How bad can a market be? Extremely bad if you look at the dry bulk shipping market since early December 2014. The fourth quarter of 2014 was hugely disappointing, ending in complete despair, with Capesize rates diving below US$5000 per day in mid-December. On 18 February, the BDI hit an all-time low of 509; Supramax freight rates were the only ones above US$5000 at US$5002 per day.
The development of the dry bulk market is closely tied with that of China’s appetite for commodities; this goes for the good times in the past as well as the current challenging times. Despite the fact that GDP growth is still running high in China at 7.4%, the need for imported commodities was somewhat weak last year. Iron ore imports were a strong support once again, growing by 112.6 million t (13.7%) helped along by a large drop in price, but coal was a devastating story in spite of a drop in prices too. Thermal coal imports were down from 192 million t in 2013 to 165.5 million t in 2014, with the trend likely to continue if hydropower generation hits another strong year. Moreover, the new Chinese import regulations on coal quality (sulfur and ash content) contributed further to the decline in imports in January when total volumes (including coking coal and lignite) were at their lowest monthly level since May 2011 according to SSY.
Despite Chinese steel production surging to a new all-time high of 822.7 million t in 2014 (+0.9%), coking coal imports were down by 14.6 million t to 60.8 million t in 2014 (-31.6%). With falling domestic demand for steel, tax rebates assisted a surge in exports to neighbouring Asian customers. 2015 could see these rebates changed or removed, which would in turn reduce the incentive for steel mills to keep up production.
US coal exports were also a sad story in 2014 as their biggest export market, Europe, lowered its demand throughout the year. The US is primarily a coking coal exporter, but export demand is driven by price on the global market. As the US is the most distant of all exporters, high prices and tight supply are needed to keep up volumes; neither was present in 2014. Thermal coal exports dropped by 34% to 28.9 million t.
According to Tradeviews.net, cement trade was one of the best performers last year with a growth rate of 10%, reaching approximately 179 million t. Imports into South Korea were likewise strong, growing by 7% to reach 275 million t.
Demolition of dry bulk tonnage was relatively modest for a long time when considering the fundamental conditions of the freight market. However, recent extremely poor freight markets have stirred it up. At the end of February, 68 ships with a combined capacity of 5 million DWT had been demolished since the turn of year, out of which half were of Capesize capacity with an average age of 21 years. This compares to the 27 years average age of the Handysizes going for recycling. The tough trades of the Capesizes cut their commercial life shorter than that of Handysizes. The extremely low earnings have pushed more ships out of the market.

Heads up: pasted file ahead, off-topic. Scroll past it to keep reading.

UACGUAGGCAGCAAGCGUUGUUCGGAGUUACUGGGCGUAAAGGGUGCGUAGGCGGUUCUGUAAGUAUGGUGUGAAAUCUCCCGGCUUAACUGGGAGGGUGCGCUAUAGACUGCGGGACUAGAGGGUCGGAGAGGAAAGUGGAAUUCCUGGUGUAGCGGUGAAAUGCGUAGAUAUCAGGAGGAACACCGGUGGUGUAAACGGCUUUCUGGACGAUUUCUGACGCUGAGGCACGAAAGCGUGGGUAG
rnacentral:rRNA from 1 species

The youngest ships being recycled overall were a pair of Panamaxes built in 1998, followed by five Capesizes built in 1996. At the other end of the scale, 20 Handysizes built between 1980 and 1985 were recycled.
During the first two months of 2015, 11 million DWT of new dry bulk capacity were delivered into the active fleet. As BIMCO expected, we have seen the majority being newbuilt Supramaxes whereas the delivery pace of Panamax is now coming slightly down. 54 Handymaxes/Supramaxes have already been delivered by the end of February. This compares to 199 for the full year of 2014 [40 000 – 67 000 DWT].
In the Panamax segment, just 22 ships have been delivered by end-February, as compared to 160 ships (4.6% in annual fleet growth) for the full year of 2014 [67 000 – 100 000 DWT]. For 2015 as a whole, Panamax deliveries are estimated to go as high as 150 ships (3.3% in annual fleet growth).
The troubles in the freight markets have for once also been seen in the order book where interest for new contracts has been subdued. The overall order book dropped to 158.2 million DWT from 168.6 three months ago.
It remains an imperative for a sustainable freight market recovery that new contracts remain scarce for an extended amount of time. Fortunately, the new-building prices offered by the shipyards are still 10 – 15% above the lowest of 2012 – 2013 and are not seen as very attractive.
Written by Peter Sand, BIMCO Chief Shipping Analyst. This is an extract from the latest BIMCO Shipping Market Overview and Outlook Report. It has been adapted to meet World Cement’s house style.
More shipping market analysis can be found at www.bimco.org.
Read the article online at: https://www.worldcement.com/special-reports/19032015/bimco-dry-bulk-shipping-549/